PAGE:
Corn Based Ethanol Worse for Climate than Gasoline

February 14, 2022


Corn-based ethanol, which for years has been mixed in huge quantities into gasoline sold at U.S. pumps, is likely a much bigger contributor to global warming than straight gasoline, according to a study published Monday.

The study, published in the Proceedings of the National Academy of Sciences, contradicts previous research commissioned by the U.S. Department of Agriculture (USDA) showing ethanol and other biofuels to be relatively green.

President Joe Biden’s administration is reviewing policies on biofuels as part of a broader effort to decarbonize the U.S. economy by 2050 to fight climate change.

“Corn ethanol is not a climate-friendly fuel,” said Dr. Tyler Lark, assistant scientist at University of Wisconsin-Madison Center for Sustainability and the Global Environment and lead author of the study.

The research, which was funded in part by the National Wildlife Federation and U.S. Department of Energy, found that ethanol is likely at least 24% more carbon-intensive than gasoline due to emissions resulting from land use changes to grow corn, along with processing and combustion.

Geoff Cooper, president and CEO of the Renewable Fuels Association, the ethanol trade lobby, called the study “completely fictional and erroneous,” arguing the authors used “worst-case assumptions [and] cherry-picked data.”

Under the U.S. Renewable Fuel Standard (RFS), a law enacted in 2005, the nation’s oil refiners are required to mix some 15 billion gallons of corn-based ethanol into the nation’s gasoline annually. The policy was intended to reduce emissions, support farmers, and cut U.S. dependence on energy imports.

As a result of the mandate, corn cultivation grew 8.7% and expanded into 6.9 million additional acres of land between 2008 and 2016, the study found. That led to widespread changes in land use, including the tilling of cropland that would otherwise have been retired or enrolled in conservation programs and the planting of existing cropland with more corn, the study found.

Tilling fields releases carbon stored in soil, while other farming activities, like applying nitrogen fertilizers, also produce emissions.

A 2019 study from the USDA, which has been broadly cited by the biofuel industry, found that ethanol’s carbon intensity was 39% lower than gasoline, in part because of carbon sequestration associated with planting new cropland.

But that research underestimated the emissions impact of land conversion, Lark said.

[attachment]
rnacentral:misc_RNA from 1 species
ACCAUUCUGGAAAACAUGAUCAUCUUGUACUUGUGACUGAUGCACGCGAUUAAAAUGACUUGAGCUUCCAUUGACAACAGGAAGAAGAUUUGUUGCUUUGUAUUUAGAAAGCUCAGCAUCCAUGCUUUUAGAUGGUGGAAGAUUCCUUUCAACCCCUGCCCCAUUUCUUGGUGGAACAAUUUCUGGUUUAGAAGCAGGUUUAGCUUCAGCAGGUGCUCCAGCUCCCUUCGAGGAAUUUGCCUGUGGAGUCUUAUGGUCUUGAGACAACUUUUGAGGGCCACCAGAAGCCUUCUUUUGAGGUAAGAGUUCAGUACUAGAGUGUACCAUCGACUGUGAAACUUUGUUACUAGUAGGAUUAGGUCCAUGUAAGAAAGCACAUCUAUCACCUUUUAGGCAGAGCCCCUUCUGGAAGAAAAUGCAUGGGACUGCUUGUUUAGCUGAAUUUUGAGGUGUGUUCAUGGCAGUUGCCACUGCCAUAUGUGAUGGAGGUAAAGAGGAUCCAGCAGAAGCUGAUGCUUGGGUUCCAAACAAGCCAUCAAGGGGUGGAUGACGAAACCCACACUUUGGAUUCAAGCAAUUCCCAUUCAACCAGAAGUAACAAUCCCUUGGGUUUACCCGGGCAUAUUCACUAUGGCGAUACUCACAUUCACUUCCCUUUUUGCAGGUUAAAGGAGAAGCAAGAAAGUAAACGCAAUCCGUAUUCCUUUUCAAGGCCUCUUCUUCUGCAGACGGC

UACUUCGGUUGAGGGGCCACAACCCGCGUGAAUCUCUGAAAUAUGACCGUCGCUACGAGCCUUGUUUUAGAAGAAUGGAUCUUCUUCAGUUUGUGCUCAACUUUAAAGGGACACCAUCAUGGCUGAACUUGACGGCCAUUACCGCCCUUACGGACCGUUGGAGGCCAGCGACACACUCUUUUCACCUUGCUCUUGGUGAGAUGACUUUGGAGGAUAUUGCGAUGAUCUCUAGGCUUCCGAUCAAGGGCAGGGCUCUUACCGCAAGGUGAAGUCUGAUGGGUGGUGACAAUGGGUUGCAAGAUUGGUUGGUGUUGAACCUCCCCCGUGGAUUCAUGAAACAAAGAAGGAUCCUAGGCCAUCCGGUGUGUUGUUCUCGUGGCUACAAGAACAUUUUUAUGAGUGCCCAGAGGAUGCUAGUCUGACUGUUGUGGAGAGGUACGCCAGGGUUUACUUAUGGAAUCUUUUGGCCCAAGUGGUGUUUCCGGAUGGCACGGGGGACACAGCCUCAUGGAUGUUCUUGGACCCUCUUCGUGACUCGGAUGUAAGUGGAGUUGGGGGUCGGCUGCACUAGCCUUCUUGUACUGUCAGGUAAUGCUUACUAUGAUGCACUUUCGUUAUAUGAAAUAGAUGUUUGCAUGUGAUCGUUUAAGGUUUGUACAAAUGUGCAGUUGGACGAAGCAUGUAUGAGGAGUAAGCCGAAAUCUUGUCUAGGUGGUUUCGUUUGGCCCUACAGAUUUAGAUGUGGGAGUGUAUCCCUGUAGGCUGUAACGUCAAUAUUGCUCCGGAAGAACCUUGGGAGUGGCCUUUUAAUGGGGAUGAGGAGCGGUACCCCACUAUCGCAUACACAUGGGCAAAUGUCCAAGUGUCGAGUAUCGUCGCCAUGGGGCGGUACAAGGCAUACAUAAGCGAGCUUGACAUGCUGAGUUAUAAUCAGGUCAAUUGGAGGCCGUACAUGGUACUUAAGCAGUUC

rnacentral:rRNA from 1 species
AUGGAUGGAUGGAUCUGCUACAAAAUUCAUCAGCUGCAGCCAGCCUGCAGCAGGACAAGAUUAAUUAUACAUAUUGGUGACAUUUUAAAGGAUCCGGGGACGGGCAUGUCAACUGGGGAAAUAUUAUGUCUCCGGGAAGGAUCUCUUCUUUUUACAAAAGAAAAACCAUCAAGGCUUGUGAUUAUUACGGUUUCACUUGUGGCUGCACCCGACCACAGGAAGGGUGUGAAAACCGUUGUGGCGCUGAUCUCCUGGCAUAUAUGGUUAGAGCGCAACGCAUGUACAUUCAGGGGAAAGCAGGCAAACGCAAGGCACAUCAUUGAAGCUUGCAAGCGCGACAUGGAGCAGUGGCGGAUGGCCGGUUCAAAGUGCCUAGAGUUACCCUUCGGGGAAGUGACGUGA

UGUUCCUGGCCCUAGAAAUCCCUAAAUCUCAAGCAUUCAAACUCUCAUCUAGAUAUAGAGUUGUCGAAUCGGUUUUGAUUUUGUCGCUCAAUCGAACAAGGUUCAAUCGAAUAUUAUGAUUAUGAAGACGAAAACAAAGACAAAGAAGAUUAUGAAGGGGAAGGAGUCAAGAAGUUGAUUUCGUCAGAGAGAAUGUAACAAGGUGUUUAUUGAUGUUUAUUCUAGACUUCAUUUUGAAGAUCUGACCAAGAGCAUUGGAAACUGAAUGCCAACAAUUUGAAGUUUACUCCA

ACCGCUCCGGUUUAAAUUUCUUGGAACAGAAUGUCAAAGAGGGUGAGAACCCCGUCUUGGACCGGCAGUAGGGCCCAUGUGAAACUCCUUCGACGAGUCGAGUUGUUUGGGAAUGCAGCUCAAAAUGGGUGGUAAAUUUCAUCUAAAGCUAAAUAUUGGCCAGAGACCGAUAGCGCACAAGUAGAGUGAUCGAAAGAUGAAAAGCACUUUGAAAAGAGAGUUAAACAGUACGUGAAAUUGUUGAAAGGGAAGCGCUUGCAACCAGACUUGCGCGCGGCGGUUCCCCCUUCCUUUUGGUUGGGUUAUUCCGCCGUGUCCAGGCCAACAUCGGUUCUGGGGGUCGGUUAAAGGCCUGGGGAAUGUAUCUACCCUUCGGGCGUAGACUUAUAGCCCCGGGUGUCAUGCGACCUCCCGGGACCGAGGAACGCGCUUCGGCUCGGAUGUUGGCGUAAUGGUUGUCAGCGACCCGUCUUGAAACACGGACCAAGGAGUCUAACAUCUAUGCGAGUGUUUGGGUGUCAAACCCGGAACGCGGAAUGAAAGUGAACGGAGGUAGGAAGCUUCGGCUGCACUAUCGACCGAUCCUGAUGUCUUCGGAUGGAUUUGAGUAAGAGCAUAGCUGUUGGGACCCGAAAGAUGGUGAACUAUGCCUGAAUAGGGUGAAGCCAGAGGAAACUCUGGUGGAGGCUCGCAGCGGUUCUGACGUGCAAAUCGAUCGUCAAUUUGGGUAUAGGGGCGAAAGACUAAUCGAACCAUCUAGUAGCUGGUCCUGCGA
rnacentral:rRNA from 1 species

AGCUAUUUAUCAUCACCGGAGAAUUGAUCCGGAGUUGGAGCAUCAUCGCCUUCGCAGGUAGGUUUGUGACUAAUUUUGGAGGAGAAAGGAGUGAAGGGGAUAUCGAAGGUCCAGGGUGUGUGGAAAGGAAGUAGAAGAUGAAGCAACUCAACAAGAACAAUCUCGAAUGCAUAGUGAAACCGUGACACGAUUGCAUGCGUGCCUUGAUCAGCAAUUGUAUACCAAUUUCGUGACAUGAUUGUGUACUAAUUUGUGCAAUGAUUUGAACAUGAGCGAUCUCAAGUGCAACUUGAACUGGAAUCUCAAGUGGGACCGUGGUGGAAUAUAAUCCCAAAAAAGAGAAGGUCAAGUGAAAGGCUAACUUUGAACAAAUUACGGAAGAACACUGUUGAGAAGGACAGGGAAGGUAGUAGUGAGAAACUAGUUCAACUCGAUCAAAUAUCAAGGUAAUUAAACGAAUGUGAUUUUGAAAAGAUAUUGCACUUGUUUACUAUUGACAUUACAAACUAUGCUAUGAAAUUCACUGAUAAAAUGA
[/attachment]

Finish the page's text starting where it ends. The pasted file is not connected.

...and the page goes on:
USDA did not respond to a request for comment.

The U.S. Environmental Protection Agency, which administers the nation’s biofuel policy, is considering changes to the program. Under the RFS, Congress set blending requirements through 2022, but not beyond, giving the EPA authority to impose reforms. EPA plans to propose 2023 requirements in May.

6 Responses to “Corn Based Ethanol Worse for Climate than Gasoline”

  1. mboli Says:

    Meanwhile, two companies in Illinois announced a project to build a factory producing 120 million gallons yearly of aviation biofuel.

    They claim it will be 70% less carbon polluting than the regular stuff, based on using corn ethanol and also utilizing carbon capture and storage.

    One wonders how this new analysis would change that claim.

    Here is a typical article. (The articles are all the same, it seems they came from a press release.)

    • rhymeswithgoalie Says:

      “Biofuel” covers a range of potential sources and technologies. Growing corn straight up just to make ethanol to burn sounds goofy, but there may be some waste-stream sources where the cost/benefit calculation changes.

      • renewableguy Says:

        Saw a film on restorative farming. More like turning the farm into an intentional prairie. Cattle eat the different grasses and plants, manure fertilizing the plants and the prarie returning carbon to the soil. Fantastic.

  2. renewableguy Says:

    My uncle grows corn on the Iowa border in Illinois. Clinton Iowa has an ethanol facility along the Mississippi. I noticed a really large round gold ball outside the facility. Turns out that gold ball holds coal. Wow. Just disappointing. Enuff said.

  3. indy222 Says:

    You mean they LIED to us?! Say it ain’t so, Joe!

    Yes, this finding is not new, nor is the Greenwash new.

  4. Gingerbaker Says:

    On the other hand, at least the grassland is being converted to arable farming. You don’t HAVE to grow corn there, and there will be increasing demands for ag exports over the next century.

    If that arable farmland can be managed correctly, the soil could be a carbon sink.

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